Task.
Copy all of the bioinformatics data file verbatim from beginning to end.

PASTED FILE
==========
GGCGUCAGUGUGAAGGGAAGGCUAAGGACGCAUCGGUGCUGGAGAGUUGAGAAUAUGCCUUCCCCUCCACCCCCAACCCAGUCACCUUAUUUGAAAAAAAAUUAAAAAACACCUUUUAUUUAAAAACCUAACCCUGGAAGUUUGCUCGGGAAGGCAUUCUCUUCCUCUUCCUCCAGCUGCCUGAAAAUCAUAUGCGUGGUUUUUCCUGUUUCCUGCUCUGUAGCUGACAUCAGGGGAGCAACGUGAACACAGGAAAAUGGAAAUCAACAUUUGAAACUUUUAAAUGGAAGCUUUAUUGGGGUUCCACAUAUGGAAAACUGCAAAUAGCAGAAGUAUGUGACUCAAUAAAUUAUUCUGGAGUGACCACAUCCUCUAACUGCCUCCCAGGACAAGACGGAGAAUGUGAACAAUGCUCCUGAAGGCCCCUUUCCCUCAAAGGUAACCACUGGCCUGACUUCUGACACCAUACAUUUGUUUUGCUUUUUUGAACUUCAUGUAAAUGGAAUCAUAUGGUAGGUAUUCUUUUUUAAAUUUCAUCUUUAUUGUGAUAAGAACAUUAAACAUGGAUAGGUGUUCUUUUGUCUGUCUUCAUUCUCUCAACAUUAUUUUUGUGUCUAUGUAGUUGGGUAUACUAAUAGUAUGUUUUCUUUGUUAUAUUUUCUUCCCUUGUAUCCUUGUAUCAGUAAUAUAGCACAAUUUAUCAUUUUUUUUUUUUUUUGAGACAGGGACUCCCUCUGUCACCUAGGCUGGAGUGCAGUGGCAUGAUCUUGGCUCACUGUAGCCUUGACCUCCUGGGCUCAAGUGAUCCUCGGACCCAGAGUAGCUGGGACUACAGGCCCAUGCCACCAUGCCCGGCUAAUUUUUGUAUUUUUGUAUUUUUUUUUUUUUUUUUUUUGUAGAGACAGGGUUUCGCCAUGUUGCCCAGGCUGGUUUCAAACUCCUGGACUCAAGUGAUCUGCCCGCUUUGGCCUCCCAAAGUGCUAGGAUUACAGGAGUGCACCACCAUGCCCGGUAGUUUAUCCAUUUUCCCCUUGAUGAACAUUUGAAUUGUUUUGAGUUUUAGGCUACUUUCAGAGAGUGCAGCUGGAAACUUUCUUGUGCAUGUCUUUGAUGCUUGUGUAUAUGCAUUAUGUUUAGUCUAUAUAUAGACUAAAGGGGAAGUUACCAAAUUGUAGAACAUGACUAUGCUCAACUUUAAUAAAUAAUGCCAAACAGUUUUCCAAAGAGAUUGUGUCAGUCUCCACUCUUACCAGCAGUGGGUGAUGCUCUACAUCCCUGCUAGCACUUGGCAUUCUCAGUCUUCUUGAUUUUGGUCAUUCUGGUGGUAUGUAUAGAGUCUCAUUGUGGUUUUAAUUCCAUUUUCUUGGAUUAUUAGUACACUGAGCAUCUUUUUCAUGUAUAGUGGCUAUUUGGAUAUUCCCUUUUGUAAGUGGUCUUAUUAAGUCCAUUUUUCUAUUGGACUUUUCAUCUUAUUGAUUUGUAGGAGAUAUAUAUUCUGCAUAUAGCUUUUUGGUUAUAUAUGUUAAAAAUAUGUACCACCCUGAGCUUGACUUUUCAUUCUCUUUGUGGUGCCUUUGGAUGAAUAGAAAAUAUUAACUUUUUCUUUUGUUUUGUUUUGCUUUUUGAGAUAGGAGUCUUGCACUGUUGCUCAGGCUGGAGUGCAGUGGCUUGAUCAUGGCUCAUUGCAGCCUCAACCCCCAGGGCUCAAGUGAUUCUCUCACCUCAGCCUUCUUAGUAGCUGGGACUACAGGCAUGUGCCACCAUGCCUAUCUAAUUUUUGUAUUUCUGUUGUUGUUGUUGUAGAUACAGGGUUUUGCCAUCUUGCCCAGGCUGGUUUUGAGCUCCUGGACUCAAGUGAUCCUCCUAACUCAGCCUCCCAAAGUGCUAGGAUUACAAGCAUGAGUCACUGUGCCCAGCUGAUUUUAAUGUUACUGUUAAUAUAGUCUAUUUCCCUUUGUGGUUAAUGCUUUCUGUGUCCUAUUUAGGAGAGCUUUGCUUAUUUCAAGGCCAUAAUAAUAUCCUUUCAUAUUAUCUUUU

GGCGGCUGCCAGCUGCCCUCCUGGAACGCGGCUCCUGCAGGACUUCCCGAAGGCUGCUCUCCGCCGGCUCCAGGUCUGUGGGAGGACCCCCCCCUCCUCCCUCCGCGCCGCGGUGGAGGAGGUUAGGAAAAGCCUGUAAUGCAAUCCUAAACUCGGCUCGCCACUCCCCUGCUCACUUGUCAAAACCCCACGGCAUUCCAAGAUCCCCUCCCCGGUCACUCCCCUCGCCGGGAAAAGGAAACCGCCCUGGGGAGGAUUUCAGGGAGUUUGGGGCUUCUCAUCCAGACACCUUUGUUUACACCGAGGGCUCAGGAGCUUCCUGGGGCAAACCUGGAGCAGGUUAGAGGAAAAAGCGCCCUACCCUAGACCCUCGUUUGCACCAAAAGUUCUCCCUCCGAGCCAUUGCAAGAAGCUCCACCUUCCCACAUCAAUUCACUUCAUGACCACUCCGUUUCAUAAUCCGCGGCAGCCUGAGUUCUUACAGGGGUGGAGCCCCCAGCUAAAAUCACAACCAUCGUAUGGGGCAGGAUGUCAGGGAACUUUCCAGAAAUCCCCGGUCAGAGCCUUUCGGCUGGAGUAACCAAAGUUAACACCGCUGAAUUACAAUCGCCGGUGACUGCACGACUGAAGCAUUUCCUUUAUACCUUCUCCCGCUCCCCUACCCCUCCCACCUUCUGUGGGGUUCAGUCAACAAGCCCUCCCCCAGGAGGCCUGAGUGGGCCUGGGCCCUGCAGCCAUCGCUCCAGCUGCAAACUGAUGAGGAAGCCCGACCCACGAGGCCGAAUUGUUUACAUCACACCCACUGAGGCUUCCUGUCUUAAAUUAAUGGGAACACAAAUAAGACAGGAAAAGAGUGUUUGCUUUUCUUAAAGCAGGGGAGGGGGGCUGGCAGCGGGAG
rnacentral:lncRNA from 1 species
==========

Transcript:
GGCGUCAGUGUGAAGGGAAGGCUAAGGACGCAUCGGUGCUGGAGAGUUGAGAAUAUGCCUUCCCCUCCACCCCCAACCCAGUCACCUUAUUUGAAAAAAAAUUAAAAAACACCUUUUAUUUAAAAACCUAACCCUGGAAGUUUGCUCGGGAAGGCAUUCUCUUCCUCUUCCUCCAGCUGCCUGAAAAUCAUAUGCGUGGUUUUUCCUGUUUCCUGCUCUGUAGCUGACAUCAGGGGAGCAACGUGAACACAGGAAAAUGGAAAUCAACAUUUGAAACUUUUAAAUGGAAGCUUUAUUGGGGUUCCACAUAUGGAAAACUGCAAAUAGCAGAAGUAUGUGACUCAAUAAAUUAUUCUGGAGUGACCACAUCCUCUAACUGCCUCCCAGGACAAGACGGAGAAUGUGAACAAUGCUCCUGAAGGCCCCUUUCCCUCAAAGGUAACCACUGGCCUGACUUCUGACACCAUACAUUUGUUUUGCUUUUUUGAACUUCAUGUAAAUGGAAUCAUAUGGUAGGUAUUCUUUUUUAAAUUUCAUCUUUAUUGUGAUAAGAACAUUAAACAUGGAUAGGUGUUCUUUUGUCUGUCUUCAUUCUCUCAACAUUAUUUUUGUGUCUAUGUAGUUGGGUAUACUAAUAGUAUGUUUUCUUUGUUAUAUUUUCUUCCCUUGUAUCCUUGUAUCAGUAAUAUAGCACAAUUUAUCAUUUUUUUUUUUUUUUGAGACAGGGACUCCCUCUGUCACCUAGGCUGGAGUGCAGUGGCAUGAUCUUGGCUCACUGUAGCCUUGACCUCCUGGGCUCAAGUGAUCCUCGGACCCAGAGUAGCUGGGACUACAGGCCCAUGCCACCAUGCCCGGCUAAUUUUUGUAUUUUUGUAUUUUUUUUUUUUUUUUUUUUGUAGAGACAGGGUUUCGCCAUGUUGCCCAGGCUGGUUUCAAACUCCUGGACUCAAGUGAUCUGCCCGCUUUGGCCUCCCAAAGUGCUAGGAUUACAGGAGUGCACCACCAUGCCCGGUAGUUUAUCCAUUUUCCCCUUGAUGAACAUUUGAAUUGUUUUGAGUUUUAGGCUACUUUCAGAGAGUGCAGCUGGAAACUUUCUUGUGCAUGUCUUUGAUGCUUGUGUAUAUGCAUUAUGUUUAGUCUAUAUAUAGACUAAAGGGGAAGUUACCAAAUUGUAGAACAUGACUAUGCUCAACUUUAAUAAAUAAUGCCAAACAGUUUUCCAAAGAGAUUGUGUCAGUCUCCACUCUUACCAGCAGUGGGUGAUGCUCUACAUCCCUGCUAGCACUUGGCAUUCUCAGUCUUCUUGAUUUUGGUCAUUCUGGUGGUAUGUAUAGAGUCUCAUUGUGGUUUUAAUUCCAUUUUCUUGGAUUAUUAGUACACUGAGCAUCUUUUUCAUGUAUAGUGGCUAUUUGGAUAUUCCCUUUUGUAAGUGGUCUUAUUAAGUCCAUUUUUCUAUUGGACUUUUCAUCUUAUUGAUUUGUAGGAGAUAUAUAUUCUGCAUAUAGCUUUUUGGUUAUAUAUGUUAAAAAUAUGUACCACCCUGAGCUUGACUUUUCAUUCUCUUUGUGGUGCCUUUGGAUGAAUAGAAAAUAUUAACUUUUUCUUUUGUUUUGUUUUGCUUUUUGAGAUAGGAGUCUUGCACUGUUGCUCAGGCUGGAGUGCAGUGGCUUGAUCAUGGCUCAUUGCAGCCUCAACCCCCAGGGCUCAAGUGAUUCUCUCACCUCAGCCUUCUUAGUAGCUGGGACUACAGGCAUGUGCCACCAUGCCUAUCUAAUUUUUGUAUUUCUGUUGUUGUUGUUGUAGAUACAGGGUUUUGCCAUCUUGCCCAGGCUGGUUUUGAGCUCCUGGACUCAAGUGAUCCUCCUAACUCAGCCUCCCAAAGUGCUAGGAUUACAAGCAUGAGUCACUGUGCCCAGCUGAUUUUAAUGUUACUGUUAAUAUAGUCUAUUUCCCUUUGUGGUUAAUGCUUUCUGUGUCCUAUUUAGGAGAGCUUUGCUUAUUUCAAGGCCAUAAUAAUAUCCUUUCAUAUUAUCUUUU

GGCGGCUGCCAGCUGCCCUCCUGGAACGCGGCUCCUGCAGGACUUCCCGAAGGCUGCUCUCCGCCGGCUCCAGGUCUGUGGGAGGACCCCCCCCUCCUCCCUCCGCGCCGCGGUGGAGGAGGUUAGGAAAAGCCUGUAAUGCAAUCCUAAACUCGGCUCGCCACUCCCCUGCUCACUUGUCAAAACCCCACGGCAUUCCAAGAUCCCCUCCCCGGUCACUCCCCUCGCCGGGAAAAGGAAACCGCCCUGGGGAGGAUUUCAGGGAGUUUGGGGCUUCUCAUCCAGACACCUUUGUUUACACCGAGGGCUCAGGAGCUUCCUGGGGCAAACCUGGAGCAGGUUAGAGGAAAAAGCGCCCUACCCUAGACCCUCGUUUGCACCAAAAGUUCUCCCUCCGAGCCAUUGCAAGAAGCUCCACCUUCCCACAUCAAUUCACUUCAUGACCACUCCGUUUCAUAAUCCGCGGCAGCCUGAGUUCUUACAGGGGUGGAGCCCCCAGCUAAAAUCACAACCAUCGUAUGGGGCAGGAUGUCAGGGAACUUUCCAGAAAUCCCCGGUCAGAGCCUUUCGGCUGGAGUAACCAAAGUUAACACCGCUGAAUUACAAUCGCCGGUGACUGCACGACUGAAGCAUUUCCUUUAUACCUUCUCCCGCUCCCCUACCCCUCCCACCUUCUGUGGGGUUCAGUCAACAAGCCCUCCCCCAGGAGGCCUGAGUGGGCCUGGGCCCUGCAGCCAUCGCUCCAGCUGCAAACUGAUGAGGAAGCCCGACCCACGAGGCCGAAUUGUUUACAUCACACCCACUGAGGCUUCCUGUCUUAAAUUAAUGGGAACACAAAUAAGACAGGAAAAGAGUGUUUGCUUUUCUUAAAGCAGGGGAGGGGGGCUGGCAGCGGGAG
rnacentral:lncRNA from 1 species